And even more, there is in the range of what we would describe as black churches in America a powerful gospel and soul tradition that runs straight through funk, and in that history of those churches electric guitars have turned up very nearly since electric guitars have existed. And in the age of American televangelism, all the more so.

    Jabari Johnson↱, for instance.


    That's actually a pretty powerful moment for a lot of those people. Comparatively, there are occasionally problems with trying too hard↱ in church.


    Mostly, it comes down to whatever anyone does with it. Like, whatever I might figure out to say about that synth drummer apparently out of the Seattle, the breakdancing televangelists↱ ... I mean ... o! dear God!


    There is a dumb old joke for Jesuit Novices explaining that you give a short sermon, six minutes, unto God; if you take longer, the next six minutes are for yourself, and you really ought to know better; and, well, the next six ....

    It comes down to whatever anyone does with it. If Jabari Johnson and that crew, for instance, can get the congregation up and singing hosannas long enough, they verge toward transcendent faith, and, really, that would be a better evangelical outcome in my society than the current iteration. No, really, keep them repeating that chorus for a half hour. Meanwhile, the breakdancing televangelists is an historical marker; I can't quite describe everything that comes together in that one, but it's an example so much wrong about televangelism and large-scale popular ministry.

    And as much as we might react to those problems, it's also true we can find in church music↱ some of those things we don't usually understand when criticizing religious faith from outside. Filed under, so what if it's church, is the fact that I recognize the other components of the joy and communal solidarity these people are experiencing together.


    The instrument of God's instrument is subject to frail and mortal hand. I think the Alpha and Omega can afford to endure some rockin' racket from time to time, and as I understand it, He knows what is in one's heart, so if the breakdancing itself is necessarily forgivable according to John 3.16, it's still possible they might need to answer for their motives, but that's between them and God.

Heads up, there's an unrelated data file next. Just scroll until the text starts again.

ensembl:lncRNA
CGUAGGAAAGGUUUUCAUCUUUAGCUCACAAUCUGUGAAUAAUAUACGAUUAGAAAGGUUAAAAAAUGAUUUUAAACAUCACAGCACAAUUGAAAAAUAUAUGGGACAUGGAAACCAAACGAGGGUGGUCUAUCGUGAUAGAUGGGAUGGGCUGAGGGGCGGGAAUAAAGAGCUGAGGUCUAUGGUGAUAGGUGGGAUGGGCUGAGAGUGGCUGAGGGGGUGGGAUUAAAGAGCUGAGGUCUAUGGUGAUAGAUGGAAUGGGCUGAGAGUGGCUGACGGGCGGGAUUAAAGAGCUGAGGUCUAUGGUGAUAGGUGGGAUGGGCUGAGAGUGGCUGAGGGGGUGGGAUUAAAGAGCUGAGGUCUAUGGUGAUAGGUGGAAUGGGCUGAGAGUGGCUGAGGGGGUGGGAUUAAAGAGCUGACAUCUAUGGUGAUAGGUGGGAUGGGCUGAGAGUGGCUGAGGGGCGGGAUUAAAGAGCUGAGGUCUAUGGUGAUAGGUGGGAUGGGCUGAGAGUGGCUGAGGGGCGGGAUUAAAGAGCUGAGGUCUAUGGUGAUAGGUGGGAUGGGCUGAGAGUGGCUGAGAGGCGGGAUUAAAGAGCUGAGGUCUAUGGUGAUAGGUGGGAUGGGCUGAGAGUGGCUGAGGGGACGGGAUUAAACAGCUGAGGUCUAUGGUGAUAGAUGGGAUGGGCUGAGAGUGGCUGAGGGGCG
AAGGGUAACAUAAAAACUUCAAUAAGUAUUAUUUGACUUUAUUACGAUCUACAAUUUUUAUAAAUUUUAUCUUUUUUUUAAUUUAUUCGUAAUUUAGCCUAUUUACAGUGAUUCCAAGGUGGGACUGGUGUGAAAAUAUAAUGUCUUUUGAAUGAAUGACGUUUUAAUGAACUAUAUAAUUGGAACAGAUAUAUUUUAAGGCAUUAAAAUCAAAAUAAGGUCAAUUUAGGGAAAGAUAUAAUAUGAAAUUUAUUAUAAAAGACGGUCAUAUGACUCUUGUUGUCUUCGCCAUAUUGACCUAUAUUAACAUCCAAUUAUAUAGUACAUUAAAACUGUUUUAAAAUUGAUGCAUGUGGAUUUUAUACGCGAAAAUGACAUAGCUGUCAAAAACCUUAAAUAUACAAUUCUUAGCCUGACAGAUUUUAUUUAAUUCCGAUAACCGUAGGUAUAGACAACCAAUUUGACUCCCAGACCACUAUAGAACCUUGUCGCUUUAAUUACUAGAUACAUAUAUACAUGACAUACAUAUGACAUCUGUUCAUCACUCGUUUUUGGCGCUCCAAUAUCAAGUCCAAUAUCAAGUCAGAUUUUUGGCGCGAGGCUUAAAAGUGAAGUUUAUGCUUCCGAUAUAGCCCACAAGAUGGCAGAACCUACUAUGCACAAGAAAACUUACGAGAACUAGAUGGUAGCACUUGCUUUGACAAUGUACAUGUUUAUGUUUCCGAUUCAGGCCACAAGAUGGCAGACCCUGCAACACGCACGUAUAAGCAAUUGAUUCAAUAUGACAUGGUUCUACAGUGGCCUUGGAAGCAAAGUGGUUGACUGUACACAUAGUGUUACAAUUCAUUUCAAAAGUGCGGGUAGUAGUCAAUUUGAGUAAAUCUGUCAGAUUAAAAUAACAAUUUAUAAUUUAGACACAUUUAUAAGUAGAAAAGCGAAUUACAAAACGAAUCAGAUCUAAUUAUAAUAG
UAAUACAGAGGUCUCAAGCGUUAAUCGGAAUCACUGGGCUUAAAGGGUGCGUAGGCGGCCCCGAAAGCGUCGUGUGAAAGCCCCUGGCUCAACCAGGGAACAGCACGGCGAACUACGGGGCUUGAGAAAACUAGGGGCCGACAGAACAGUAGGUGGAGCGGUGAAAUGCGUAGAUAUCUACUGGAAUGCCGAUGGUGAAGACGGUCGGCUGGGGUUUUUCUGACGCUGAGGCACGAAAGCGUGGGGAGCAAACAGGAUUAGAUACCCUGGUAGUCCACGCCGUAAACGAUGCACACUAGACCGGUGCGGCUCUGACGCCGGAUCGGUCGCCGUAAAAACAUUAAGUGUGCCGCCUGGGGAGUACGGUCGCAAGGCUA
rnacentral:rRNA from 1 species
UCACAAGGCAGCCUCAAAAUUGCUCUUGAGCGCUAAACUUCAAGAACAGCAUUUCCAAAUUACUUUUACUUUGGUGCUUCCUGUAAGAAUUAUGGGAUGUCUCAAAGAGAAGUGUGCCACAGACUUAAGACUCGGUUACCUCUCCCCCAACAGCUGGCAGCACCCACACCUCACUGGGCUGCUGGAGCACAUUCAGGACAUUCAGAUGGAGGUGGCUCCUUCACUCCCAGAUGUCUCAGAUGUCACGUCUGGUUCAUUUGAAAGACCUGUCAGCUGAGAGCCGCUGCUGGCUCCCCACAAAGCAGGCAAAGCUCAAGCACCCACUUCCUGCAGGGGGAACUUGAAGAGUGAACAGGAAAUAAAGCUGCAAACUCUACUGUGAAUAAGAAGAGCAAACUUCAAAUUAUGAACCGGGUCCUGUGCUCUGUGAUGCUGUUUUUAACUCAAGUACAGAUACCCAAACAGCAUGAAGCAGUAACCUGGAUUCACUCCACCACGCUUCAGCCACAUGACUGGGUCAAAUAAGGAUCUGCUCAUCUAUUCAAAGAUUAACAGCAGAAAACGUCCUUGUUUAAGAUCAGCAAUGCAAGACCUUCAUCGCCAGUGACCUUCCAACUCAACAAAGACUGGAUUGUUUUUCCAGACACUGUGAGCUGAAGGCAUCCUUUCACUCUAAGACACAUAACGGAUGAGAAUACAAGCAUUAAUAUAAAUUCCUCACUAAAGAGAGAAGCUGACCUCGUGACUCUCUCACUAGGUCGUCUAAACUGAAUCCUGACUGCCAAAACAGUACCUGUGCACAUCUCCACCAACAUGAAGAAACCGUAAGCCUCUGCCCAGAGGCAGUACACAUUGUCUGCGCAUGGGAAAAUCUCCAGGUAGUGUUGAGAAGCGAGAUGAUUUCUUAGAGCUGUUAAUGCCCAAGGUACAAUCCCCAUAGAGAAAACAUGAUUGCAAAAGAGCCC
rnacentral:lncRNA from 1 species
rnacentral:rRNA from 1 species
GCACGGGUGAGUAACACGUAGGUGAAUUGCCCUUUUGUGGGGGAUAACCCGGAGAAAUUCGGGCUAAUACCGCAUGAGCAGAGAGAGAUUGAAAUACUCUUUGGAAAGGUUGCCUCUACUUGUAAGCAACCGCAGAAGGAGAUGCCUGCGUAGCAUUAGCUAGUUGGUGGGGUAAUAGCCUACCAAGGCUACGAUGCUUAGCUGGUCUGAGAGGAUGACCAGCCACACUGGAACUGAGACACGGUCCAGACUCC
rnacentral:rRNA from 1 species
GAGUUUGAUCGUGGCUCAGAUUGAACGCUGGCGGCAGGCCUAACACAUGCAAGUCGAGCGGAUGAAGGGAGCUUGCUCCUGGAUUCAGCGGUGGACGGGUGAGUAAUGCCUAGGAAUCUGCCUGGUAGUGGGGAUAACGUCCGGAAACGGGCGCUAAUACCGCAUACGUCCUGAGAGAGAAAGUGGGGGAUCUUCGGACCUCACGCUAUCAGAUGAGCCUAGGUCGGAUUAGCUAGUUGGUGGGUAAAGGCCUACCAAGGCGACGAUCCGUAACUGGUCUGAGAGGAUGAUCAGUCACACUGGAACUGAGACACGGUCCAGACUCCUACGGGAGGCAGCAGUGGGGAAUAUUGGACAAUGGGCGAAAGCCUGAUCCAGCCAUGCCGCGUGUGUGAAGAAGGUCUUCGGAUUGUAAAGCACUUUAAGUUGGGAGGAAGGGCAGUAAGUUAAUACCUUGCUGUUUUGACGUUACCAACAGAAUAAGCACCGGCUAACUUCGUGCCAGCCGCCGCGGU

And we all know the hosannas count for something, regardless of whether or not there is a God to wallow in them; it's all in what anyone does with them.
     
  9. cluelusshusbund + Public Dilemma + Valued Senior Member

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    Some churches are big on singin... layin on of hands... snake handlin/poison drankin or exorcisms to help draw a crowd... an if i wasnt interested in goin to church but i liked to play a guitar... id be more likely to go to church to get the opporitunity to perform for an audience... which might draw a bigger tithes payin crowd... so its a win win for all concerned.!!!
    Some churches dont allow Instrumental Music durin the service cause ther God dont like it... but its fine at my church (NACA)!!!
     
  10. Seattle Valued Senior Member

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    If someone isn't interested in going to church, I can't see why they would be interesting in playing "church music". Sure some of it sounds like standard rock music except for the gag inducing words and of course having to look up at the ceiling every now and then.
     
  11. cluelusshusbund + Public Dilemma + Valued Senior Member

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    If i was a half-Azzed beleiver an pressured into goin to church… it woud be less hellish wit the diversion of entertainment… an even be a part of that entertainment if it involves a hobby i like.!!!

    A good magic show... even if its Jesus-themed woud make a hellfire-an-brimstone church less tortuous.!!!